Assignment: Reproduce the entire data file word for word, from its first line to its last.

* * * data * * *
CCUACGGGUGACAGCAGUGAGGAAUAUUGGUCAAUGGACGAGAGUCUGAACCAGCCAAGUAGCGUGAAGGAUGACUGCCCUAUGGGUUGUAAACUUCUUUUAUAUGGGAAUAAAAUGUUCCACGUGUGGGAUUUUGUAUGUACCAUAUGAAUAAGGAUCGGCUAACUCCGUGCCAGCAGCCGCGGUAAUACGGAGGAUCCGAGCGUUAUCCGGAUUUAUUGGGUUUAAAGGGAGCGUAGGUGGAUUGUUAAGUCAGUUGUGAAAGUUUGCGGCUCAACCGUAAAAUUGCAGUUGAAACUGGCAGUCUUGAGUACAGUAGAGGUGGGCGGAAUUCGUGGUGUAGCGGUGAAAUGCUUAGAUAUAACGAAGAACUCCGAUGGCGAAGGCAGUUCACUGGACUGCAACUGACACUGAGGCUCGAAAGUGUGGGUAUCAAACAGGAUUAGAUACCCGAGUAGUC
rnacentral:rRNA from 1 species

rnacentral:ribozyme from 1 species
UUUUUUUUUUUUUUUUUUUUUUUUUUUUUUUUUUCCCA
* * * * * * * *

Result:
CCUACGGGUGACAGCAGUGAGGAAUAUUGGUCAAUGGACGAGAGUCUGAACCAGCCAAGUAGCGUGAAGGAUGACUGCCCUAUGGGUUGUAAACUUCUUUUAUAUGGGAAUAAAAUGUUCCACGUGUGGGAUUUUGUAUGUACCAUAUGAAUAAGGAUCGGCUAACUCCGUGCCAGCAGCCGCGGUAAUACGGAGGAUCCGAGCGUUAUCCGGAUUUAUUGGGUUUAAAGGGAGCGUAGGUGGAUUGUUAAGUCAGUUGUGAAAGUUUGCGGCUCAACCGUAAAAUUGCAGUUGAAACUGGCAGUCUUGAGUACAGUAGAGGUGGGCGGAAUUCGUGGUGUAGCGGUGAAAUGCUUAGAUAUAACGAAGAACUCCGAUGGCGAAGGCAGUUCACUGGACUGCAACUGACACUGAGGCUCGAAAGUGUGGGUAUCAAACAGGAUUAGAUACCCGAGUAGUC
rnacentral:rRNA from 1 species

rnacentral:ribozyme from 1 species
UUUUUUUUUUUUUUUUUUUUUUUUUUUUUUUUUUCCCA